Composition and origin of the volatile components released from the Pesyanoe aubrite by stepwise crushing and heating

1C.A.Lorenz,1A.I.Buikin,2,3A.A.Shiryaev,1O.V.Kuznetsova
Geochemistry [Chemie der Erde] (in Press) Link to Article [https://doi.org/10.1016/j.chemer.2020.125686]
1Vernadsky Institute of Geochemistry and Analytical chemistry RAS, Kosygin St. 19, 119999, Moscow, Russia
2A. N. Frumkin Institute of physical chemistry and electrochemistry RAS, Leninsky pr. 31 korp. 4, Moscow, 119071, Russia
3Institute of geology of ore deposits, Petrography, Mineralogy, and Geochemistry RAS, Staromonetnyi per, 35, 119017 Moscow, Russia
Copyright Elsevier

Aubrites are achondritic meteorites (enstatite pyroxenites) that were formed in highly reduced magmatic environments on a differentiated parent body sharing a common oxygen isotope reservoir with enstatite chondrites (EC), Earth and Moon, and could be considered as a geochemical model of the early proto-Earth. Some pyroxenes of the Pesyanoe aubrite have high abundance of gaseous inclusions, captured during the crystallization of the rocks. Investigation of the inclusions by IR spectroscopy reveals presence of OH− groups and C–H bonds. The former are assigned to protonated point defects in enstatite lattice and the latter to compounds occupying void walls. Molecular water and CO2 were not observed. Volatile components released from the samples of the Pesyanoe enstatite by stepwise crushing and heating are composed of CO2, H2O and a non-condensable phase. Hydrogen isotopic composition of volatiles extracted in form of molecular water in Px-separates varies in the range δD = −61 – −84‰ with mean value of δD = −73 ± 16‰ VSMOW and is within the ranges of ECs and Earth’s mantle. The total abundance of H2 in the pyroxene of Pesyanoe were estimated as at least 0.024 ppm that is too low in comparison with that of enstatite chondrites (≥30 ppm H2) and could indicate nearly complete degassing of the Pesyanoe primitive precursor material during the Pesyanoe parent body accretion or a mantle degassing in igneous differentiation process. In a last case a primitive precursor could have D/H ratio different from that of enstatite chondrites.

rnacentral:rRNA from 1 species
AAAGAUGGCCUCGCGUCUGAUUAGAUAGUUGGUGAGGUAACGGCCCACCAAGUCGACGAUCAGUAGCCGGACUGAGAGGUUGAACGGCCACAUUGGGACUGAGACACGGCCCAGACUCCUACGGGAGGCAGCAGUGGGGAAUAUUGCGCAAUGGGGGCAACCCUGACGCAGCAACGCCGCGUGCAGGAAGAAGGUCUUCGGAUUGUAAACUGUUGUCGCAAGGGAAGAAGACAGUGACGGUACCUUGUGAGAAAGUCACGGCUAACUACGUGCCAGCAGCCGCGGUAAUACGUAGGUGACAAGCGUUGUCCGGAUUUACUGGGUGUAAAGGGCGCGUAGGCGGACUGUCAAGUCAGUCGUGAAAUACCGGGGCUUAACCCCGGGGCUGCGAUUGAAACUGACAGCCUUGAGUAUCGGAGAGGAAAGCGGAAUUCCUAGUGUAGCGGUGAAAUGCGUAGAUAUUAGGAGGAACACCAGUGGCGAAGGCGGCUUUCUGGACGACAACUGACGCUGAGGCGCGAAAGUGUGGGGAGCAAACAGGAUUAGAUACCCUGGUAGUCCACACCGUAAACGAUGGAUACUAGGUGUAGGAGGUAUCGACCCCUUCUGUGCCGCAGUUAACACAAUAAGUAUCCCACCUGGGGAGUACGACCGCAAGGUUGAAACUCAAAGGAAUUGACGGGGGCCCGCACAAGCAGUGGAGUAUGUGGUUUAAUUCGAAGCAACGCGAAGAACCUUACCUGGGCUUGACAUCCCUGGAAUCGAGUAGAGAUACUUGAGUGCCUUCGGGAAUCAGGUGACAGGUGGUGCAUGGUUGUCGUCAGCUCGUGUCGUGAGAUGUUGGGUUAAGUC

Ages of lunar impact breccias: Limits for timing of the Imbrium impact

1,2Alexander A. Nemchin et al. (>10)
Geochemistry [Chemie der Erde] (in Press) Link to Article [https://doi.org/10.1016/j.chemer.2020.125683]
1Institute of Geology, Chinese Academy of Geological Sciences, Beijing, China
2School of Earth and Planetary Sciences, Curtin University, Perth, GPO Box U1987, WA, 6845, Australia
Copyright Elsevier